Writing Process Blog Tour

The very fine poet, and person, Julia Bird, tagged me as part of this writing process blog tour: four questions, to which I’ve responded as honestly as I know how. You can read Julia’s own responses here: and Hanna Silva’s (also tagged by Julia) here: mine follow below:

1. What am I working on?

My second collection, Rain Rider, was published by Salt in November 2013; it slipped through a paper-thin chink in their submissions window, before said window closed for good. So, I’ve mostly been reading from and trying to promote this new book. I figure I can take about eight to nine months to blether on about a collection before I drive everyone to distraction and need to stop. I enjoy reading the work to an audience because of the immediacy of the response, the palpable reaction. Most of the time you don’t get that. The poems go out into the world and you don’t really hear back from them very often.

I started writing new material immediately after my first book was accepted for publication, much of that work being a development of themes in the earlier poems. But I’ve taken a bit longer to get back on the horse following the final edit of Rain Rider, only beginning to compose new pieces that I’ve submitted to magazines in the last month or so.

I’ve had a couple of interesting commissions in recent months: a poem about Angola for a radio show called The News Agents, on Resonance FM, and a poem about climate change for the Bristol Festival of Nature. I think there are plenty of banana skins to watch out for when writing political poetry, but I’ve quite enjoyed the challenge of examining a given idea while trying to keep all the things I value in poetry – sound, nuance and subtlety, inventive form and structure. I’ve also been asked to write five short essays on various aspects of contemporary British poetry for a putative academic book, something intended for first-year undergraduates. That’s been fun too. I’ve also got a novel to the point of completion, so I may think about sending that out this summer.

2. How does my work differ from others in its genre?

That’s really for the reader to determine, I guess. I’ve been an English teacher for twenty years, so it’s inevitable that literary references and allusions find their way into my idiolect, even when I consciously try to avoid them. The density of literary allusions in my work is probably somewhat infra dig in the present climate. But it is as it is.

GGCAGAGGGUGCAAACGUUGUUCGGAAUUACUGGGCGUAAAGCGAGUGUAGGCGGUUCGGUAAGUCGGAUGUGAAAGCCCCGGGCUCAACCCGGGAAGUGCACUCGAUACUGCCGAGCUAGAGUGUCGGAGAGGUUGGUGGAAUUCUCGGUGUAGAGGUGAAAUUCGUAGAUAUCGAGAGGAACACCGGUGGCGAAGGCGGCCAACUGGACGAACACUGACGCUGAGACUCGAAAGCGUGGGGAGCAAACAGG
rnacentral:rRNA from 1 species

I’m also drawn to religious and philosophical ideas, neo-Platonism and British history. I’m essentially a secular person – although I’ve probably got more in common with a non-realist Christian like Don Cupitt than I have with the rabid atheism of someone like Richard Dawkins – but I’m fascinated by the religious imagination, and the extent to which it lingers on in our culture and our consciousness, like the interminable half-life of some long ago discarded uranium. The new book has poems that owe a debt to, or feature cameo appearances by, Rabelais, Boethius, Foucault, John Donne, Mullah Nasreddin, Erasmus and characters from Shakespeare, the Bible and the Marquis de Sade. There is some autobiographical stuff, a wide variety of forms, and much that sits in a contemporary setting too – but it is a bit of an echo chamber. With jokes. And I work hard on the sequencing of a collection, so that something from one poem ripples into, or creates an echo in, a subsequent poem. We wrote “literary, ludic and lyrical” on the dust-jacket of my first collection. I still think that sums it up best.

3. Why do I write what I do?

I couldn’t write anything else. I’m a particular poem-making creature, with certain influences, foraging in a very specific climate, consuming an idiosyncratic diet; so, what comes out in my pelletty nest could not be other than what it is. I feel proud and privileged to have had opportunities to publish and to promote some of this work, and I’ll always be drawn to the buzz of seeing my writing in print.

But if the question is why do I write at all, I guess I’d say that the act of making things, of making work – whether you’re an artist in a studio, a musician on the road, a writer at a desk, etc. etc. – it’s more important, more meaningful, to be a maker than a consumer. We’re the meaning-making species. We’re all a bit of both, of course, but you know what I mean.

On another tack, for me, reading and writing’s more a way of finding out what I think than expressing a pre-formulated thought. And being part of a community of readers and writers is also an excellent way of finding out the extent to which what’s happening in my mind is anything like what’s happening in your mind. Only connect! Set against the backdrop of our existential isolation and the madness of space, that seems to me to be a pretty valuable way of spending my time.

4. How does my writing process work?

Walking. Reading. Longhand on foolscap paper. Notebooks, notebooks, notebooks. Lying on the sofa listening to records. Poetry readings. A deckchair in the sun on my balcony. Reading. Walking. Free writing, a bucket dropped into my subconscious. More reading. Long periods during which nothing but mental composting. Sudden frenzy of ink and foolscap paper. Walking. More reading. Eventually, the Word machine to edit and whittle into shape.

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